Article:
As I walked into the open doors of the Harrington Gallery, I was unsure of what to expect.
I had never been in an art reception and had no idea how I was supposed to act. Should I stand by my photograph and answer questions for visitors? Should I enjoy myself and take a look at what other students did? Or should I just sort of stay in the background and let people wander around? These were just a few of the thoughts that ran through my head as the reception started. Despite my anxieties, it turned out to be a light and open event.
On April 20th, 2012, the opened its doors to Off the ChARTs, a gallery of more than 40 works exclusively by , and high school students.
As I perused through the gallery, it was hard not to notice all the variety present: there were oil paintings to photographs and digitally created works to political cartoons. There was an atmosphere of a sort of fresh nature as all these new works were presented to the public for the first time. It just felt nice to be in an environment full of creativity and artistic genius. Perhaps the refreshments had something to do with that as well. I was surprised at the number of people who decided to visit the gallery.
The art wasn’t just limited to a small portion of the city: it was open to a large variety of individuals. There were at least 100 people who went in and out of the building when I was there. I wasn’t expecting to see so many students as well. The majority of attendees seemed to be children, from elementary to high school. It was nice to see all the different types of people who attended. There were some art students who were scribbling down notes on works they found interesting.
A small Dixieland Jazz Band named Louisiana Hot Sauce and composed of Foothill students provided entertainment in the foyer. They were a very well- versed group and the music was a big contrast with what most people listen to these days. The jazz was very refreshing though and they attracted a small audience that would roar with applause whenever they finished.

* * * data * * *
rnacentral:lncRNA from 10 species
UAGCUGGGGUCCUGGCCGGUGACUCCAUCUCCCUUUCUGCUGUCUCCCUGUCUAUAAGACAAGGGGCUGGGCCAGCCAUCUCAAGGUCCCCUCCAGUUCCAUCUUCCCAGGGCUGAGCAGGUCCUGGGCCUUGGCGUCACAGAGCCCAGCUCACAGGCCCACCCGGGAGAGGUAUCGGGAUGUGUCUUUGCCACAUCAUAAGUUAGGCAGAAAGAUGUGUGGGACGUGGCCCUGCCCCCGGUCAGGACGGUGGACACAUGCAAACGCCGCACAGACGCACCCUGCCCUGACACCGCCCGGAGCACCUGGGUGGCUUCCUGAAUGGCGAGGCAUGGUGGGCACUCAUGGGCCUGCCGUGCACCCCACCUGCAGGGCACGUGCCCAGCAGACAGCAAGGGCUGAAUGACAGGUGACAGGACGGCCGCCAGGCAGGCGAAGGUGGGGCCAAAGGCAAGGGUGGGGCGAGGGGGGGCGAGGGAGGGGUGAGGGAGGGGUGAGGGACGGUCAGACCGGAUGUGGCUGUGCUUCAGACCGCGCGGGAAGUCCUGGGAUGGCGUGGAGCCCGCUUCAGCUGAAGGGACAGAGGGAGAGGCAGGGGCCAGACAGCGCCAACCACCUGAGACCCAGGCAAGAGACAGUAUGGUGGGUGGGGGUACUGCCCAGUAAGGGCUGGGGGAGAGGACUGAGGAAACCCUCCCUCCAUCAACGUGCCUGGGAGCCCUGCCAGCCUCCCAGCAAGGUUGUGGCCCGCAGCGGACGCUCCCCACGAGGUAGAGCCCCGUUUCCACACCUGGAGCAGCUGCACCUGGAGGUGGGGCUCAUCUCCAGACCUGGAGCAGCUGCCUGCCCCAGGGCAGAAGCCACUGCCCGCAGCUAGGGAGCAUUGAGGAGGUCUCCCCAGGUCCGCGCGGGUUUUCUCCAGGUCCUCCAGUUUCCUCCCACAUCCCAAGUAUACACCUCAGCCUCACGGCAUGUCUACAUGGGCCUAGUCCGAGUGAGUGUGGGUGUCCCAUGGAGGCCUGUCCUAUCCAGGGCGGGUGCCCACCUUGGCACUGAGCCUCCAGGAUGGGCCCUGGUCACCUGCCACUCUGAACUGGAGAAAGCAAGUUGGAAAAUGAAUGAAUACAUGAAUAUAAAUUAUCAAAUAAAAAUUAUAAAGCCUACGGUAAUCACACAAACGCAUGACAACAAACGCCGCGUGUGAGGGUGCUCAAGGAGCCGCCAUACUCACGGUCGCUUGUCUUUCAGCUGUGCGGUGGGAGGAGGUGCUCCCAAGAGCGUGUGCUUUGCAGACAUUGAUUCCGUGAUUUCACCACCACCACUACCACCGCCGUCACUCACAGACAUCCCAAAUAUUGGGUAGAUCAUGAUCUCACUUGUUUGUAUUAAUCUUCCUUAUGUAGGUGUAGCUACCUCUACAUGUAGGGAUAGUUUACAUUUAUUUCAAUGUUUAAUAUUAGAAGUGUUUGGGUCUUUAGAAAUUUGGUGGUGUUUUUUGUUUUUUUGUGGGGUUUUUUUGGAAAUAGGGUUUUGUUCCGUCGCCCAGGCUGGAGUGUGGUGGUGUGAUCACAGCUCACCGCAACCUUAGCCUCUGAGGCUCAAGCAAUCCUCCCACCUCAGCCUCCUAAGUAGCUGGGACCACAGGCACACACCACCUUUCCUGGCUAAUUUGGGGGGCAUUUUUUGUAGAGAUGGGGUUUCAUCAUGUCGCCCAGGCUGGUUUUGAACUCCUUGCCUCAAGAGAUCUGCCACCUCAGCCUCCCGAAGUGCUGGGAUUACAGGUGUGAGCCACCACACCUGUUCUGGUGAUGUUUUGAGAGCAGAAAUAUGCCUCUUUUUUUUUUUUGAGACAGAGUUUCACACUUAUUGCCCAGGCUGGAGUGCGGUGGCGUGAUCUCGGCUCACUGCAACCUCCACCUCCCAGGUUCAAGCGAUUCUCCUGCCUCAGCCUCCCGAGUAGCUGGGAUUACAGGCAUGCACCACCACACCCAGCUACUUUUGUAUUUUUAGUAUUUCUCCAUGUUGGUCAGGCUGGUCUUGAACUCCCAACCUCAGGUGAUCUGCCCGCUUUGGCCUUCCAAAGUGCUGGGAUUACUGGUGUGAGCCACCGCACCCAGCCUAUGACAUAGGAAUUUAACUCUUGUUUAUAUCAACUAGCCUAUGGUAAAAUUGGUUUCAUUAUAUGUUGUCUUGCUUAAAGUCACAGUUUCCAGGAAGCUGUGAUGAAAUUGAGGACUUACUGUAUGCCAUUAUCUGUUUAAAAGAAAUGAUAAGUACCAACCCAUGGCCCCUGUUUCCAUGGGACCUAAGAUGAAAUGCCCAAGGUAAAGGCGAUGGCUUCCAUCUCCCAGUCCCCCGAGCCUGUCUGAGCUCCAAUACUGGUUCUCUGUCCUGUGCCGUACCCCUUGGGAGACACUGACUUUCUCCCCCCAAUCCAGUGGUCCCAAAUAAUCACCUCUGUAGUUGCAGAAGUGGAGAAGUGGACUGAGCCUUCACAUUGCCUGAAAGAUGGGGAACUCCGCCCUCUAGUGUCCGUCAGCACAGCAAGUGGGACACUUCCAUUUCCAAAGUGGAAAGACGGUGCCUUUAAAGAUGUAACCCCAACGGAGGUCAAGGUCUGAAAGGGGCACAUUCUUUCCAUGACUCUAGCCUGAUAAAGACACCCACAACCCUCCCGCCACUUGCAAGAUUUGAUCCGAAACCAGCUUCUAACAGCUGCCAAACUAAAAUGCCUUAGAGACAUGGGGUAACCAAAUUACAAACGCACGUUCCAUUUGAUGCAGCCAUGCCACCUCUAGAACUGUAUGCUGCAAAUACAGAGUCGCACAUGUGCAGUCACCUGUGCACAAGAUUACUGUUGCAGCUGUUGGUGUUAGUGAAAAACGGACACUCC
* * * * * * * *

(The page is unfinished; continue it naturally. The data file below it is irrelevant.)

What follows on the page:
Everyone seemed to know each other at the reception. No one was afraid to ask questions and I often saw parents inquiring about certain works or artists talking with other artists about their stories and how they came into the arts.
I was very impressed with the works in the gallery. Many of them gave interesting and unique perspectives on how to view the world. Some of the works focused on nuanced details and presented them in a completely different way that made me appreciate them more. For example, there were some that gave a different take on what it feels like to be mentally trapped or the values that our culture imposes on us today.
I recommend everyone to take a look at the gallery, which runs from April 20th to May 5th.
There’s plenty of art there for everyone to take a look at and perhaps discover a new perspective on life. All it takes is a little bit of thinking and interpretation and art can quite possibly open a new door for you.